Again, this is the section that is to recognize the myriad gaps we have right now in order to plan to overcome them. And as I have mentioned, we have them!
We really need more comprehensive district data analysis and, more than that, we need to have an administrative understanding of the importance of data analysis.
Then we get into the planned additions. It's important that the state is requiring "evidence-based programs to close gaps"...remember that, as it comes in later.
The first is preschool, which is fine, but it's focused on early literacy, which, you might recall, is a bit of a favorite with the Commissioner and some members of the Board. While, yes, the district has gaps in that, the district also has yet to comprehensively discuss and plan around what it means to be a district in which the majority of students speak a first language other than English. In fact, you'd never know it from reading this plan. The plan adds two classrooms of preschool the first year, one dually lingual, which is the single recognition of the language strengths--and I mean that--of our district.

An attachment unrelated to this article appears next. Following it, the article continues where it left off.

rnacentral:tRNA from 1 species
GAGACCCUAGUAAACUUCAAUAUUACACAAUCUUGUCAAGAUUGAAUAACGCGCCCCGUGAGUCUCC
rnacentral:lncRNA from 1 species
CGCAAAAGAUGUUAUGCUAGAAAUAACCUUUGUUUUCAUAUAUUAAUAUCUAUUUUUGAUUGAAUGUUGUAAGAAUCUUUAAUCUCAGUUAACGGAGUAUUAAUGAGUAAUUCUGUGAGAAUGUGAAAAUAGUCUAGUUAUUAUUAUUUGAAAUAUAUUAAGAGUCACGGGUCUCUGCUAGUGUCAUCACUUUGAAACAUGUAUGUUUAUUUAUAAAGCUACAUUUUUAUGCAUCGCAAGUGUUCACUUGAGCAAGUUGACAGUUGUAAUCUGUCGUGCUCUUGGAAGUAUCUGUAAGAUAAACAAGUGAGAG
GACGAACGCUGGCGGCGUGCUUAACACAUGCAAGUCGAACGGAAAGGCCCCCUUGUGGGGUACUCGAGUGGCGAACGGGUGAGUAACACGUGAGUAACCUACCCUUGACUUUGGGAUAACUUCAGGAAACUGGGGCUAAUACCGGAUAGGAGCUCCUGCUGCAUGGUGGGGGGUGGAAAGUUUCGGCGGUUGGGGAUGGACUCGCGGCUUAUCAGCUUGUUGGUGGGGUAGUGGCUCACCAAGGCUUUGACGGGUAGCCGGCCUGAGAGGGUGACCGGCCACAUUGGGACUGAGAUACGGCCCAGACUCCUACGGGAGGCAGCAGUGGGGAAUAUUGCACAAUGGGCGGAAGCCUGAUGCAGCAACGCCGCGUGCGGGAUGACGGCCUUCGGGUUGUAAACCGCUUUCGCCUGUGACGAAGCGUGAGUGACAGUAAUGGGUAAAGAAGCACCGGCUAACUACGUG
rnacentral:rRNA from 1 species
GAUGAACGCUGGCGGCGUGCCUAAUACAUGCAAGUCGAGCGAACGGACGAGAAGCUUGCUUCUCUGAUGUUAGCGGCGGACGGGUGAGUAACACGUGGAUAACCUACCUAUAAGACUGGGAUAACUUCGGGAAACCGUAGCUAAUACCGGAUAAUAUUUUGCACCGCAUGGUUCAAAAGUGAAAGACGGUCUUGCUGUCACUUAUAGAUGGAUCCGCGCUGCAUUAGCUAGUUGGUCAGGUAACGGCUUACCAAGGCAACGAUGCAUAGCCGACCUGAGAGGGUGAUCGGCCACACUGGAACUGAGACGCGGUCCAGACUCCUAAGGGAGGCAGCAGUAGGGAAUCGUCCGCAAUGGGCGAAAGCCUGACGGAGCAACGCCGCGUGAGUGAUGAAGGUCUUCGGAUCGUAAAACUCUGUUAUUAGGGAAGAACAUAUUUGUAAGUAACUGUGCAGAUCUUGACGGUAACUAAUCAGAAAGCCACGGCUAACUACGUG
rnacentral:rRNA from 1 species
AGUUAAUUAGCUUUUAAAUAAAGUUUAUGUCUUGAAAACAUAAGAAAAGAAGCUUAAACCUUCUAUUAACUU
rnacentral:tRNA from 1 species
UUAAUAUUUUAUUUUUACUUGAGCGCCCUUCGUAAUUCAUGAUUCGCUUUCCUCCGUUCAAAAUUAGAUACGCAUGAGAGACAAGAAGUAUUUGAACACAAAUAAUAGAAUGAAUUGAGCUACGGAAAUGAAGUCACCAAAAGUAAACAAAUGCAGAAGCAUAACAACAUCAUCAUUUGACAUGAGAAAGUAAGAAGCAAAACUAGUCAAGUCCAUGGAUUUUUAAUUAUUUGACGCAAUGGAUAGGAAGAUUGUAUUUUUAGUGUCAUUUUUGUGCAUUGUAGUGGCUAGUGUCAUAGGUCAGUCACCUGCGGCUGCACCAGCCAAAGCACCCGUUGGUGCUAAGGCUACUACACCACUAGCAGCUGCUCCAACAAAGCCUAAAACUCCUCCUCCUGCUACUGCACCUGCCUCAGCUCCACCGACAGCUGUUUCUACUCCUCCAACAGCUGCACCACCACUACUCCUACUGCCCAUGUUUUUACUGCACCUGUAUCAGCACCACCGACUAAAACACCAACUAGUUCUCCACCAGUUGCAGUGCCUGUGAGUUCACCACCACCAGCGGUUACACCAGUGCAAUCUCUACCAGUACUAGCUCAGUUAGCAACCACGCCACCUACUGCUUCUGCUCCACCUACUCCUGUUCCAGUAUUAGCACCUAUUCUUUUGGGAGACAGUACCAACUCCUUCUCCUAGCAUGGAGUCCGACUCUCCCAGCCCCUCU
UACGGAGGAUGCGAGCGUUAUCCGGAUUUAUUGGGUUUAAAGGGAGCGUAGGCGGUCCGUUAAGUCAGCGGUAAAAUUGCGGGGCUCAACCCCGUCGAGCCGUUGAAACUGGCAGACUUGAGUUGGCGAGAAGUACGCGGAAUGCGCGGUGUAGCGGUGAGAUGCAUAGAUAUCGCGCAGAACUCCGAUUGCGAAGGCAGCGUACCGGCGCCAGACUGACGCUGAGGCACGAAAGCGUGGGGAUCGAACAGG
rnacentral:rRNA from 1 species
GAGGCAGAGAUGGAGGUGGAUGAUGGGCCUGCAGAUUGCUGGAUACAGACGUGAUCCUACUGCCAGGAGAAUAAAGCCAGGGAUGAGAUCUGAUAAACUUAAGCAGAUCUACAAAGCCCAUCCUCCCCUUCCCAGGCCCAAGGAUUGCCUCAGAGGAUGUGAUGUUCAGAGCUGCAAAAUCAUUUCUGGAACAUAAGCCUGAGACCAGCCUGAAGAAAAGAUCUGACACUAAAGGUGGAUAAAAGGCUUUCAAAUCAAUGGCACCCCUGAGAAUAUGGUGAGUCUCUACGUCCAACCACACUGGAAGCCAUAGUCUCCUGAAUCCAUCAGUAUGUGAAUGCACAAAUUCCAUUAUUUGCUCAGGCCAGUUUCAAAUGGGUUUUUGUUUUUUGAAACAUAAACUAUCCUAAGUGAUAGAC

The number of students cited in the plan as impacted--7000 overall--is entirely based on a $287K early literacy professional development consultancy (I'm guessing), rather than the number of children who will be afford a quality, full-day preschool program.
Quality preK does have long-lasting benefits, though they aren't cited here; it is something for which the community asked. This proposal is constructed such that the children being served though appear secondary to a particular politically popular educational process.
Also, in general, let's write fewer sentences that say things like:
These programmatic and staffing additions will all contribute to a comprehensive, responsive, system-wide teaching model that embodies inquiry, authentic learning, and discovery through a multi-pronged approach that centers on providing high quality, evidence-based, early childhood programming.